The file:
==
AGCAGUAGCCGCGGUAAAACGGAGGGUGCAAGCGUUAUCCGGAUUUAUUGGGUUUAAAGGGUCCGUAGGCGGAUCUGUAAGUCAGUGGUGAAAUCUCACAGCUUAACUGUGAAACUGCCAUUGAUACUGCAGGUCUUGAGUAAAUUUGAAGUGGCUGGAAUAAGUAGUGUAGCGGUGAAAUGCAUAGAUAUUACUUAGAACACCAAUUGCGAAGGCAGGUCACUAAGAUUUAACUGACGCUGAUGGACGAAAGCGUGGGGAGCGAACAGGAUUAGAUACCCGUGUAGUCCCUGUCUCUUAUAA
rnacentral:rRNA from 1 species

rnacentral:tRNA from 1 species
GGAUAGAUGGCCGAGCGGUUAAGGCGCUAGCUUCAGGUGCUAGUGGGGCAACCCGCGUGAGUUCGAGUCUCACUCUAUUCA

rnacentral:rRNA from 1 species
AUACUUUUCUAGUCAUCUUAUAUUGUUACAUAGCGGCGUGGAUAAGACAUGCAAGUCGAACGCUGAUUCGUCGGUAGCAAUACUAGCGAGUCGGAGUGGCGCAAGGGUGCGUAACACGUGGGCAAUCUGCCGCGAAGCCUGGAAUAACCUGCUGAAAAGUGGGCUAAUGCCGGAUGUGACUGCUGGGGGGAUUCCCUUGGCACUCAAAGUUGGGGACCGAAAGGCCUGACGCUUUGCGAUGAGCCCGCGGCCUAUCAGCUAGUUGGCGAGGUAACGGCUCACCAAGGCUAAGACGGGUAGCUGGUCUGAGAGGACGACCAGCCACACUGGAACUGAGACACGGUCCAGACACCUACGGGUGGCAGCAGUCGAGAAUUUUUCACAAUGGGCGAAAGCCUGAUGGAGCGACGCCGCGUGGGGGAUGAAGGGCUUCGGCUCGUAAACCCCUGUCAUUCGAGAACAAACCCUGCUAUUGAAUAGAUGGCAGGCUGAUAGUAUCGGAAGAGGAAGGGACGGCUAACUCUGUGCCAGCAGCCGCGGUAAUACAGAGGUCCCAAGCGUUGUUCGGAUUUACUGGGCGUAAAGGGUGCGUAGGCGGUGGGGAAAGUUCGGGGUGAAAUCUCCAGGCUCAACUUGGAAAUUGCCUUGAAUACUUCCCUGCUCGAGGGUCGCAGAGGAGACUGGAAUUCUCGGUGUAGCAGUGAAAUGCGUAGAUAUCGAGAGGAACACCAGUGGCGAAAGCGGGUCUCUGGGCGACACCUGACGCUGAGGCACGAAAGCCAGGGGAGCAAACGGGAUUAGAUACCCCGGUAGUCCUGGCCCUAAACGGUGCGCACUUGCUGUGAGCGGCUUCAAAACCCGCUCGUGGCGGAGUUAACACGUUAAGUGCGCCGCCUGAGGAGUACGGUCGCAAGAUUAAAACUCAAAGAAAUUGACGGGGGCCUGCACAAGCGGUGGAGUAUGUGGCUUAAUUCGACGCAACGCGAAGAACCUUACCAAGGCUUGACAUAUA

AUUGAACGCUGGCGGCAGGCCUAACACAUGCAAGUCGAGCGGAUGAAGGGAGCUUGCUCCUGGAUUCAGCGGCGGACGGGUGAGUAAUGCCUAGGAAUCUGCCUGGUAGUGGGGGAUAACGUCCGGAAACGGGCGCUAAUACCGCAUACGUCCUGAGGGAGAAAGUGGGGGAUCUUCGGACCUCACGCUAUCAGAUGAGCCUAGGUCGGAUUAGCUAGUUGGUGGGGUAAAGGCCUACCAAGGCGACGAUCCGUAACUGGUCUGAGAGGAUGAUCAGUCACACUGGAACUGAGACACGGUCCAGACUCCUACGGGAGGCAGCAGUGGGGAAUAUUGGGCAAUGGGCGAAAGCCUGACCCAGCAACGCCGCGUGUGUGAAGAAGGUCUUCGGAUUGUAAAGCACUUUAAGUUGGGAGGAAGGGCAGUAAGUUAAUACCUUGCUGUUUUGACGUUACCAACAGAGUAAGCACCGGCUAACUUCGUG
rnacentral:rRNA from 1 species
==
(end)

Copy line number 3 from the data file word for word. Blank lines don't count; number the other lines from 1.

rnacentral:tRNA from 1 species